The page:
THE Prime Minister’s decision to hold a snap General Election on 8 June gives voters a chance to act on behalf of the poor, church figures have said.
The Archbishop of Canterbury’s office said that he would not be commenting on the election; but the Bishop of Liverpool, the Rt Revd Paul Bayes, tweeted: “May I ask all followers of the risen Christ to think, speak, and vote so as to help the poorest and displaced.”
The Bishop of St Albans, Dr Alan Smith, said on Wednesday: “I encourage all Christians to quiz their candidates about their views on the poor, the marginalised, and those in need of refuge.”
This view was reflected across the political spectrum. The Second Church Estates Commissioner, Dame Caroline Spelman, who is the Conservative MP for Meriden, reminded voters that the election would involve other issues as well as Brexit. It would also give the Prime Minister the chance to present a new domestic agenda: “one which will bring people closer together and make sure that Britain works for everyone, not just the privileged few”, she said.
Christians on the Left’s political communications officer, Stephen Beer, said: “We need a society and a Brexit deal which works for the whole nation and not just a few.” A particular responsibility fell on Christians, he said. “We need to show people how it is possible to disagree well with each other, and we need to call out bad behaviour wherever we encounter it.”
He accused the Prime Minister of “being opportunistic” with a bid to increase her parliamentary majority. “The problem is that there is no clear agenda from Theresa May or the Conservative Party,” he said. “Nine months on, we still have no idea what values underpin the kind of Brexit deal they want.”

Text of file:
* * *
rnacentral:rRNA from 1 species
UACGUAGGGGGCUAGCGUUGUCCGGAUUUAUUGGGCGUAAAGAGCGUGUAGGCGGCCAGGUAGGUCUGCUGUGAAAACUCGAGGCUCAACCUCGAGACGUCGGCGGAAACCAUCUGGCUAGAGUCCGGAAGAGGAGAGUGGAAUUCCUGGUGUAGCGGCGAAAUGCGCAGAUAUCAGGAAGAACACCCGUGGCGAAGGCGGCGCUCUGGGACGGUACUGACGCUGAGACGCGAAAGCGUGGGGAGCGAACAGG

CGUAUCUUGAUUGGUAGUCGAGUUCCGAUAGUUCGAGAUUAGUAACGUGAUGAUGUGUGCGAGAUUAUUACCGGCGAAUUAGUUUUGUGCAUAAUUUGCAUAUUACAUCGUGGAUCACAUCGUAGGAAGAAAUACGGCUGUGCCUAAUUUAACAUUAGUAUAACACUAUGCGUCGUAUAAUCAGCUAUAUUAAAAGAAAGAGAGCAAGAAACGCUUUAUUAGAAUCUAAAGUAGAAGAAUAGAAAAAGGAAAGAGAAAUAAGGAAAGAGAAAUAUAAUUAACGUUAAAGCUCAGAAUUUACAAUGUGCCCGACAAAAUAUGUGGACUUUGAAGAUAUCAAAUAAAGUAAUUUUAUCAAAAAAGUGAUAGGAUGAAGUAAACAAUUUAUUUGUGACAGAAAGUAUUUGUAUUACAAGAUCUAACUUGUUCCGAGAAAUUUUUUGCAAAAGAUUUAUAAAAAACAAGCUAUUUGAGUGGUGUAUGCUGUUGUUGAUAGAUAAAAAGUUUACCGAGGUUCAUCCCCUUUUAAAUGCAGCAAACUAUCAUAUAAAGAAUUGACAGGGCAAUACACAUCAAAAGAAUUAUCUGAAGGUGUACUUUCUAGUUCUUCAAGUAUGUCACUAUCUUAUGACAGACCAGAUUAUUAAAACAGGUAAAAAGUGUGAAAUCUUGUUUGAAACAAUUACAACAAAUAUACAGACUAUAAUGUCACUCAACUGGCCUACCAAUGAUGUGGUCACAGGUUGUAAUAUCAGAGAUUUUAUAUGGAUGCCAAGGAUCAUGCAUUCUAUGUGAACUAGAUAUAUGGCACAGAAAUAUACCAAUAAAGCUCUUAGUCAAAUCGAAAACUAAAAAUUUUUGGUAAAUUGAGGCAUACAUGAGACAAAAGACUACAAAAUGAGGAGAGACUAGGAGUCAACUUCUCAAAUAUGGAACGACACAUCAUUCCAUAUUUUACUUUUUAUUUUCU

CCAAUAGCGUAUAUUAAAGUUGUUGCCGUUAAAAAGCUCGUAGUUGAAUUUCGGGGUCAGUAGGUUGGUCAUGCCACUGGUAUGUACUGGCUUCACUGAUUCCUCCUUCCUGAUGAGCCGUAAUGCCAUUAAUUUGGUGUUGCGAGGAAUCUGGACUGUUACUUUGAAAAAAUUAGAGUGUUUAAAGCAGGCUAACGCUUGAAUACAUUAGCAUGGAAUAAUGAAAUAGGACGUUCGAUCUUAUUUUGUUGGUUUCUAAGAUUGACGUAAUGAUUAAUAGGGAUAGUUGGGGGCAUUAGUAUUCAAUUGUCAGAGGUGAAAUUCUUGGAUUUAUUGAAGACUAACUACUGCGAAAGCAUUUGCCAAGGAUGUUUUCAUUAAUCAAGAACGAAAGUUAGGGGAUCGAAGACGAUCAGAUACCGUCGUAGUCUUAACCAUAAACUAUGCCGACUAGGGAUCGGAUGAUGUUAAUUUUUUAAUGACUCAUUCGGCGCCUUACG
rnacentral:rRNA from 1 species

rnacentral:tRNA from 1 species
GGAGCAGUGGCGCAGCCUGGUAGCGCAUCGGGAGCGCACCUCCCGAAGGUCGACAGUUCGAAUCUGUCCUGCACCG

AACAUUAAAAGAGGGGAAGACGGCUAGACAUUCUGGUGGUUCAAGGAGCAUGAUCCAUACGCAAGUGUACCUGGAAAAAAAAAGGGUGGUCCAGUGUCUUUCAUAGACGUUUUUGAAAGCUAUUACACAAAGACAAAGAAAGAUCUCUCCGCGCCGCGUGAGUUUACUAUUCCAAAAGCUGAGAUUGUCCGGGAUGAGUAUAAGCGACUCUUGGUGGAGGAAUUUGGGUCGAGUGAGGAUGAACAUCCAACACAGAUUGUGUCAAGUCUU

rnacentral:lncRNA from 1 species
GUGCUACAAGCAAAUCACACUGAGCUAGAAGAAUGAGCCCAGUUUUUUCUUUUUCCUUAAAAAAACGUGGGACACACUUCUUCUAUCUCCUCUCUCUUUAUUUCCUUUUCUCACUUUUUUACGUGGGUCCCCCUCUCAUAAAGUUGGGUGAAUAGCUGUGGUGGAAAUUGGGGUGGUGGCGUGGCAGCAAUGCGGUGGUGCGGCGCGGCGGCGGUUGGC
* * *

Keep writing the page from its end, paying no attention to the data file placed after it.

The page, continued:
The Liberal Democrat Christian Forum’s director, Sarah Dickson, welcomed the election announcement. She said: “With all that is happening in politics at the moment, from Brexit to the crisis in the NHS, and changes in our education system, it is right and just that the people are given a say in the direction our country takes. Theresa May’s decision gives us all an incredible opportunity to do just that.
“As the election campaigns get going, politics will become suddenly more tangible and present in our lives. In this time, I am excited about the opportunity we, as Christians, have to be God’s salt and light by doing politics differently: disagreeing well with each other and always looking outwards with compassion and love to others.”
The Conservative Christian Fellowship’s executive director, Gareth Wallace, said that it was “looking forward to the opportunity to support CCF members who are candidates”, and was “excited by prospect of new Christian MPs elected and representing the Conservative Party”.
The Liberal Democrat leader, Tim Farron, who is vice-chair of the Christians in Parliament group, tweeted: “This is your chance to change the direction of your country. If you want to avoid a disastrous hard Brexit, if you want to keep Britain in the single market, if you want a Britain that is open, tolerant and united, this is your chance. Only the Liberal Democrats can prevent a Conservative majority.”
The Labour MP Andy Burnham tweeted simply: “Tory Party puts its own interests before the national interest”; but Stephen Crabb MP, a Conservative, tweeted: “Sun is shining. Perfect moment for an election. Let’s go.”
Tearfund called on Wednesday for the Government to reaffirm its commitment to the Paris agreement on climate change, and continue to spend a minimum of 0.7 per cent of GDP on overseas development, as is currently the law.
But the Prime Minister declined to confirm whether the 0.7 per cent commitment would be in the Conservative manifesto, in the House of Commons, on Wednesday.
Church House has released this prayer for the General Election:
Lord, we give thanks for the privileges
and responsibilities of living in a democratic society.
Give us wisdom to play our part at election time.
Protect us from the sins of despair and cynicism,
guard us against the idols of false utopias and
Strengthen us to make politics a noble calling that
serves the common good of all.
We ask this in the name of Jesus Christ our Lord.